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Indian travelers are becoming an attractive source market, a McKinsey says. And a boom in the domestic travel market is leading to "substantial investments."

India is becoming a fast-growing source of outbound tourism, according to a report by consulting firm McKinsey and Company.

The report reiterated McKinsey’s earlier projection of India becoming the fourth-largest domestic travel market in terms of spending by 2030 – it currently ranks sixth.

“They are developing fast-growing pools of first-time tourists,” the report said.

Indian travelers have reached a new peak in overseas spending. Data from India’s central bank showed that Indians spent $31.7 billion overseas in the 2023-24 financial year. About 54% of that amount was on travel, or $17 billion.

In a report released last year, and McKinsey projected that travel spending by Indians would rise from $150 billion in 2019 to $410 billion by 2030.

Countries such as Thailand, Sri Lanka, and South Africa have eased visa requirements for Indian travelers. The UAE, Saudi Arabia, Mauritius, and Turkey are also looking at India as an important source market for tourism and are stepping up marketing activities. 

Domestic Travel Boom

Domestic travel makes up the bulk of travel spending in India, the McKinsey report said, and Indian airlines and hotels are making “substantial investments” to meet demand.

IndiGo last year placed the largest single purchase order in commercial aviation when it ordered 500 A320Neo-family jets. Air India placed orders for a total of 470 aircraft with Airbus and Boeing last year. Domestic carriers such as Akasa Air and SpiceJet are also expanding their networks within India and outside.

Meanwhile, hotel companies are ramping up their portfolios in India. The report added that the development focus has shifted from major metropolises to smaller cities.

Indian Hotels Company (IHCL) has a portfolio of over 200 operational hotels in the country, and more than 90 hotels are in its development pipeline. The company aims to open 25 hotels in the 2024-25 financial year. It has also announced its decision to revive its Gateway brand to cater to emerging markets in metros and Tier 2 and Tier 3 cities.

IHG Hotels and Resorts is planning to double its presence in India to 100 operating hotels over the next five years. 

Hilton believes that 2024 is going to be its best year yet in India, according to India country head Zubin Saxena. With 26 operational hotels in India, the company is looking to double its portfolio in the next 3 to 4 years. It is also looking at an aggressive expansion in terms of the Indian markets where it operates, including emerging Tier 2 and Tier 3 markets.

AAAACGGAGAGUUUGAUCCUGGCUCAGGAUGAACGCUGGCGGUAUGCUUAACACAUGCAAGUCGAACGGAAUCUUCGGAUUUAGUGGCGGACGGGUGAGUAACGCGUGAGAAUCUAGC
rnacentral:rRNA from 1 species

Accor, in 2023, signed a record 11 hotels in India and opened six properties. The company plans to open nine hotels this year. However, CEO Sébastien Bazin believes that India is an untapped market, stating that the top five hotel operators in India collectively have less than 1,000 hotels.

Challenges For India

The McKinsey report studied the cities of Mumbai and Delhi to assess the potential risks that these destinations deal with in terms of tourism. 

The report noted that while Mumbai has the lowest tourism density relative to its population in the cities it studied, visitors have been experiencing “long waits for entrance to attractions and a plethora of guides and vendors competing for attention.” Road traffic is also a major issue.

Mumbai is at a risk of an overloaded infrastructure due to tourism. This could lead to a negative impact on the visitor experience in a city where the local economy depends considerably on tourism. 

On the other hand, Delhi is at a risk of having a negative visitor experience because of threat to its culture and heritage.


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Tags: air india, air travel, airlines, akasa air, hotels, india, india outbound, india travel, indian airlines, Indian Hotels Company, mckinsey and company, middle class, tourism, travel spending, Travel Trends

Photo credit: Domestic travel continues to constitute the bulk of travel spending. Incredible India

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